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    • #10971
      Garry
      Participant

      Here is an interesting bell I obtained recently. It’s brass, about 3 inches high plus the ring, clearly molded (there is a vertical seam up both sides of the bell) with a long chain and metal weight on the end. The motif around the bell is alternating man crab man yak (or some other long horned deer creature) man crab…

      It appears to be manually rung, with the bell mounted rather high (long chain), perhaps carried on a pole during a ceremony of some sort? Then the weight would get momentum and ring the bell.

      Anyone out there know about this type of bell? I would guess it’s Egyptian from the design, but that’s only a starting point guess.

      Garry

    • #14120
      hjlong
      Member

      This is a relatively recent casting given the thin wall, mold marks of a sand cast bell, and the steel eye bolt used to hang the clapper. The shape of the bell suggests that it may be from Thailand as the multiple rings are reminiscent of Thai Shrines or Temples (see pictures of Ankor Wat). The heavy, bell shaped clapper and weight on the chain suggest that this is a call bell and not a wind bell. I have no idea what the design on the skirt represents.
      Harry Long, MD

    • #14121
      Garry
      Participant

      Thanks Harry,

      I quite agree, Thailand sounds very reasonable for style, and I also do believe it is new.

      But do sand casts have seams on them? I thought that would be more of a molded bell look. Especially since the ‘symbols’ are so weak in definition. I don’t see the mottled inside look that I typically associate in a sand casting either.

      I don’t think it’s a call bell though, at least not any standard type. To get the clapper to strike by hand you almost have to pull the chain to a 90 degree angle. That’s very awkward for hand ringing.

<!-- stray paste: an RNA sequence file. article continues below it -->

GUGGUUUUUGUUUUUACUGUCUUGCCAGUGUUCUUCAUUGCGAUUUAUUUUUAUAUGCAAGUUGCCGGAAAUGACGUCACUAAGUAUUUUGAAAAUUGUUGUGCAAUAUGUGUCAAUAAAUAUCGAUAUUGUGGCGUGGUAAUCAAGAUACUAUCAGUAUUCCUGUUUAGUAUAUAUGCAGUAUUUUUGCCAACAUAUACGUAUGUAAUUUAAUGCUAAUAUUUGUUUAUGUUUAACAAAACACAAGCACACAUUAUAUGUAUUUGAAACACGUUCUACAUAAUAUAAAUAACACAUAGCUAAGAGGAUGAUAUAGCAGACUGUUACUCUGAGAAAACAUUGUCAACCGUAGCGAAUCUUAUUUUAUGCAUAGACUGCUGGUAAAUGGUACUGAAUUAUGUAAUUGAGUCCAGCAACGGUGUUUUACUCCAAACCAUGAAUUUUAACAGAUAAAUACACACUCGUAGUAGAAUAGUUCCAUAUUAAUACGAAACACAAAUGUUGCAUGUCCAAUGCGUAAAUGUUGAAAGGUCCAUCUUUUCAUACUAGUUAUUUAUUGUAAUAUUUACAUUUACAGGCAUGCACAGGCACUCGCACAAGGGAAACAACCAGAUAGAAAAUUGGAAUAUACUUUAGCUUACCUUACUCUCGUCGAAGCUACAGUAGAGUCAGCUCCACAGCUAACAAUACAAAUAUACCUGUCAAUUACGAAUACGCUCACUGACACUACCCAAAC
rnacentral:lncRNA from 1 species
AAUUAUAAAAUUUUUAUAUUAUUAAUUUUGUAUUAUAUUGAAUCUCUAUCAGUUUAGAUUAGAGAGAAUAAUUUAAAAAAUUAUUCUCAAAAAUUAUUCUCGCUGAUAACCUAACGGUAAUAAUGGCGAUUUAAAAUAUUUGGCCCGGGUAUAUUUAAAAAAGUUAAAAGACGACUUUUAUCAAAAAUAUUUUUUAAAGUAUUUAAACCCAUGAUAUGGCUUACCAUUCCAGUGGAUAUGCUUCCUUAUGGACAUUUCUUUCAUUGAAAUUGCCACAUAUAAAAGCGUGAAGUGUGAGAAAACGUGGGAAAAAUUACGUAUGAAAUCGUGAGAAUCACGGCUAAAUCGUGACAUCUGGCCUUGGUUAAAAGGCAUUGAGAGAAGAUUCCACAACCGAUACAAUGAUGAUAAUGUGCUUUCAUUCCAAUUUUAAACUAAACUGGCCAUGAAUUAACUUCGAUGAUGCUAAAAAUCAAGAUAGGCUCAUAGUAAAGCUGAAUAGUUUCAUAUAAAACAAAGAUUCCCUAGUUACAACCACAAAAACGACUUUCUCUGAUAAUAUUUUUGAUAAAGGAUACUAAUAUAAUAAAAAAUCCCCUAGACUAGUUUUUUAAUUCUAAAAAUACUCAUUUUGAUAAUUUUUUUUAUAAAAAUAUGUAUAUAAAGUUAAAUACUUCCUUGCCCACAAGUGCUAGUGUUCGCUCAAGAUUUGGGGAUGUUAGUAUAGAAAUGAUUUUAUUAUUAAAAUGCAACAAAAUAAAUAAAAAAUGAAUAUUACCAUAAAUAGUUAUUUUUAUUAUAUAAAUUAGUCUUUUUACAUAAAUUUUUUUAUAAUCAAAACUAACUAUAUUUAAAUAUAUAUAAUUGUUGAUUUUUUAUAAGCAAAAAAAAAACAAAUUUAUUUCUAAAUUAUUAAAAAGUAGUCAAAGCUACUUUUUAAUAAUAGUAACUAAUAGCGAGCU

If, however, you let the bell dangle loosely from a pole via the loop, and swing it only slightly, the weighted end combined with the swing of the bell causes it to ring quite readily. That’s why I think it is a ‘carried’ ceremonial bell reproduction. Perhaps a “T” pole with one on either of the top bar ends… I would envision a procession of some sort.

      Your thoughts?

      Garry

    • #14122
      hjlong
      Member

      It probably is better to describe the casting as a “2 part sand mold”. “Lost wax” process is a one piece sand mold where the wax pattern is melted before the bronze is poured. Thus the term “Lost Wax”. These have no mold marks. In the 2 or 3 part mold, the pattern is physically removed before the mold is reassembled and the bronze poured. Where the mold parts come together, some bronze leaks between the parts leaving a ridge that must be removed.
      Harry Long, MD

    • #14123
      Garry
      Participant

      As usual Harry – you are an excellent source of information.
      I actually had never heard of that process before now. I knew of the lost wax process and a full mold process but hadn’t heard of this one.

      Thanks!
      Garry

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